SUN STAFF AND WIRE REPORTS
The founder of Edison Schools, the nation's largest for-profit manager of public schools, said today he will buy back the company from shareholders and take it private.
Wall Street's interest in New York City-based Edison has flagged since 2001, when investors intrigued by its promise to turn failing public schools into profit-making enterprises buoyed its stock price to close to $35.
With the stock at $1.56 at the markets' close last week, and few analysts pushing it anymore, Edison's founder and chief executive officer, Chris Whittle, said he would buy the schools firm for $174 million using a company that he owns and Liberty Partners, a private equity firm based in New York.
The deal calls for Edison stockholders to be paid $1.76 per share.
Edison is starting the third year of a five-year contract to manage seven Clark County School District campuses.
The company's switch from publicly traded to privately owned has little bearing for Clark County, Walt Rulffes, deputy superintendent of operations for the School District, said.
"Our interest is in their performance and compliance with the terms of their contract, not in their fiduciary structure," Rulffes said this morning.
Sharon Kaplan, principal of Ronnow Edison Elementary School in Las Vegas, said she and the company's other Clark County administrators were notified Thursday of Whittle's plans to buy back the stock. LaVerne White, regional vice president for Edison, assured the administrators that schools would not be adversely affected by the change, Kaplan said.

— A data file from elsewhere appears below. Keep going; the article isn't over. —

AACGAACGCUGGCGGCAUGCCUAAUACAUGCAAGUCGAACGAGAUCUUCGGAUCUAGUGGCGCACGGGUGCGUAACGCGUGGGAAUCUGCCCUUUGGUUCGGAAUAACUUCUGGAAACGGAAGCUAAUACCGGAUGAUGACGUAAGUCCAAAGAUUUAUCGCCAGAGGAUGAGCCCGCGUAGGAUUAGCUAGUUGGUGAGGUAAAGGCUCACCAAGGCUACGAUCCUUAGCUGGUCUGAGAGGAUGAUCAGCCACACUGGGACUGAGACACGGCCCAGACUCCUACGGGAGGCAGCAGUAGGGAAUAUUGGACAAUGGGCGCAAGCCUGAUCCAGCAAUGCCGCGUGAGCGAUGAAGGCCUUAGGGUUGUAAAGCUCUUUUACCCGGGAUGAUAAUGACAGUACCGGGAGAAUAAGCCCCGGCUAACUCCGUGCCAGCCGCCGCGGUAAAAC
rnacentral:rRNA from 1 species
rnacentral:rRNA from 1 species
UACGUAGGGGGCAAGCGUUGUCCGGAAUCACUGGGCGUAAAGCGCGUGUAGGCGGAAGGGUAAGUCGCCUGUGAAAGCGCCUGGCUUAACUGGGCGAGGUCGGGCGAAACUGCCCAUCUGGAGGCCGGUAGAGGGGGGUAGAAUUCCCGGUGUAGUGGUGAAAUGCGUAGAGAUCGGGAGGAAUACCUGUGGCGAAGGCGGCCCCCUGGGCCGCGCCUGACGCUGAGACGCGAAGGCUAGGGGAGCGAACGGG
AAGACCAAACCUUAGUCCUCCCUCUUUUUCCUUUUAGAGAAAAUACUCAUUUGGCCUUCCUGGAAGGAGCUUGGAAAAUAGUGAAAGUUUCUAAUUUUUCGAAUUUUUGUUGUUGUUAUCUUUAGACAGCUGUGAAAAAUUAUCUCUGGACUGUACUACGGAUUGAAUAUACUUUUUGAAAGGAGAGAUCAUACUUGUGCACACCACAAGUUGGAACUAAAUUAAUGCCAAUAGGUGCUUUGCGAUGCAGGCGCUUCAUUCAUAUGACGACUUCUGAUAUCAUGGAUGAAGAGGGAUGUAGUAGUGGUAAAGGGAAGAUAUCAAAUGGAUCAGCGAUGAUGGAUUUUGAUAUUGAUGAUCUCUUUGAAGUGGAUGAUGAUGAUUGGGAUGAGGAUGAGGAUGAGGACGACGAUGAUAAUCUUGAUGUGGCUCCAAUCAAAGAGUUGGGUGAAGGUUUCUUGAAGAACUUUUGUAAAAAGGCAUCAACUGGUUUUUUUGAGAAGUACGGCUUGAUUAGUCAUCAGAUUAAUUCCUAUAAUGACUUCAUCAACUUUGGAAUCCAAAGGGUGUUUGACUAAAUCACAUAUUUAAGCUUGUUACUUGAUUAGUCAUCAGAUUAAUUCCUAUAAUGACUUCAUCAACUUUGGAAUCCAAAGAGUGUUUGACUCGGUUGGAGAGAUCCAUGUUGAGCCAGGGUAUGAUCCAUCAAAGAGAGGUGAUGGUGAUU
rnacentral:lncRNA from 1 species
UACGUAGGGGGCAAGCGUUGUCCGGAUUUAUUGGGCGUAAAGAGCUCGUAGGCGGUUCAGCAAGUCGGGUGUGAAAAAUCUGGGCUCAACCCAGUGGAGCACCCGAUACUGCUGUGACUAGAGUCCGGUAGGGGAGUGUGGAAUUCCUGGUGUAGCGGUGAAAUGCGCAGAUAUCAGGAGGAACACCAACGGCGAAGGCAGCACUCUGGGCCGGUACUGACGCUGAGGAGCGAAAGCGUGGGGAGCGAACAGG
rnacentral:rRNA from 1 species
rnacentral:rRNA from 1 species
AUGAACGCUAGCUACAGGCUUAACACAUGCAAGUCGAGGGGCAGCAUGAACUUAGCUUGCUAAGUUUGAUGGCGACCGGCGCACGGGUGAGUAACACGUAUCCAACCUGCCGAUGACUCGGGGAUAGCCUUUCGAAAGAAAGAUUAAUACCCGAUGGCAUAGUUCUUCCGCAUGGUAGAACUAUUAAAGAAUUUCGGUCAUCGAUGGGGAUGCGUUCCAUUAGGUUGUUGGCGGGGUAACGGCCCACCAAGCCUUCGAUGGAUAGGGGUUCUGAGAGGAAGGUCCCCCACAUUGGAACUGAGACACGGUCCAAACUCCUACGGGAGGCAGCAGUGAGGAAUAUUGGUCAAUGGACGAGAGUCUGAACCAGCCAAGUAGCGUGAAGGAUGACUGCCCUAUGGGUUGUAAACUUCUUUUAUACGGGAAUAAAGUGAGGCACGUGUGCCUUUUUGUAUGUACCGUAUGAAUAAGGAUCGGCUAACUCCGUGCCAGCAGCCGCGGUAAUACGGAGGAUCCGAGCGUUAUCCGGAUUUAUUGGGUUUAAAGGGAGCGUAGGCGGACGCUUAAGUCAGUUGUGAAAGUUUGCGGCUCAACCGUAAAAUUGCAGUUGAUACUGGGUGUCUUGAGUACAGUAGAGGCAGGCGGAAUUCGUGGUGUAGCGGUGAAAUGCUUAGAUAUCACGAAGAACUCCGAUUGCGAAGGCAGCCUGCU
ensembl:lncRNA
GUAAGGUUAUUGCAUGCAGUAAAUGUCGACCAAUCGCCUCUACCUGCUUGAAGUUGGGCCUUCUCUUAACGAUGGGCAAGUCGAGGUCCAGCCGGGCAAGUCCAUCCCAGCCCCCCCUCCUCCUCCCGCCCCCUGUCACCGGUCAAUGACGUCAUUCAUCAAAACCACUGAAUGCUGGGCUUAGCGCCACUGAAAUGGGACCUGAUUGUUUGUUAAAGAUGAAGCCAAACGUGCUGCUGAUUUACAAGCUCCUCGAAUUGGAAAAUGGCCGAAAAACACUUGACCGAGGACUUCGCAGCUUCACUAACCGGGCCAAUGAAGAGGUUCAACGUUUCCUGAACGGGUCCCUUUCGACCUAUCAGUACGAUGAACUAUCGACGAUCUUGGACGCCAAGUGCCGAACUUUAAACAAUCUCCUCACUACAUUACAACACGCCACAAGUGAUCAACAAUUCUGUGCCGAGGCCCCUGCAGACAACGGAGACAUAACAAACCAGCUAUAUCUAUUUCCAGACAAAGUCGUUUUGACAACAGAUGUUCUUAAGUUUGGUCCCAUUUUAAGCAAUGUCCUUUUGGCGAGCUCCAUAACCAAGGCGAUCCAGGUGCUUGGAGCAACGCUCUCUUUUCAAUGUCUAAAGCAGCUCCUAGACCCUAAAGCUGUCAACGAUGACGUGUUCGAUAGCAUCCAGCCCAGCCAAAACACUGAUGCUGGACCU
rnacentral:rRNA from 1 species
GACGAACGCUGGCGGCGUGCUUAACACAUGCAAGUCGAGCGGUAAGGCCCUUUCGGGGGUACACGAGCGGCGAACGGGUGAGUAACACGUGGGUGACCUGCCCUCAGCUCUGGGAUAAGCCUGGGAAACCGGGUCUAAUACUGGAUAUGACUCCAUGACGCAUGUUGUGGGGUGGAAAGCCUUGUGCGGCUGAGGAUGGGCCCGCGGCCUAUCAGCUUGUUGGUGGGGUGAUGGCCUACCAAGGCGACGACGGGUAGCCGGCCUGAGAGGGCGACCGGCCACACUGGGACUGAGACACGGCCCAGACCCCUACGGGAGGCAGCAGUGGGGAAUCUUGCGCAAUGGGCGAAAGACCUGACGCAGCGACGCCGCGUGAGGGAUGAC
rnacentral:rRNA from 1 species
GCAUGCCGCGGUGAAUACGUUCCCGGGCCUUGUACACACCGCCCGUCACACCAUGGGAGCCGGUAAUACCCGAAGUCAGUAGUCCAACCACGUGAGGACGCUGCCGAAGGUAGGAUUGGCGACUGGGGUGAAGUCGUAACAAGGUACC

"For us, it's business as usual," Kaplan said of the year-round campus on Lean Street. "Supplies come when we order them, the curriculum is being carried out and children are learning."
The Edison model, which focuses on a rigid curriculum emphasizing reading skills and a longer school day, has been criticized as a "cookie cutter" approach. The company promises better resources for low-performing schools through donations from its corporate partners.
Last month a committee of School District officials and teachers recommended the Clark County School Board put off any plans to expand Edison's contract, noting that it was too early to tell whether the company's educational approach was making a difference.
School District officials have repeatedly said Edison schools must show gains on the next round of the Iowa Test of Basic Skills, given in October.
Last October's Iowa results have been established as the new baseline for performance. If Edison doesn't show gains, the district should re-evaluate its contract with the management company, Agustin Orci, deputy superintendent of instruction, said.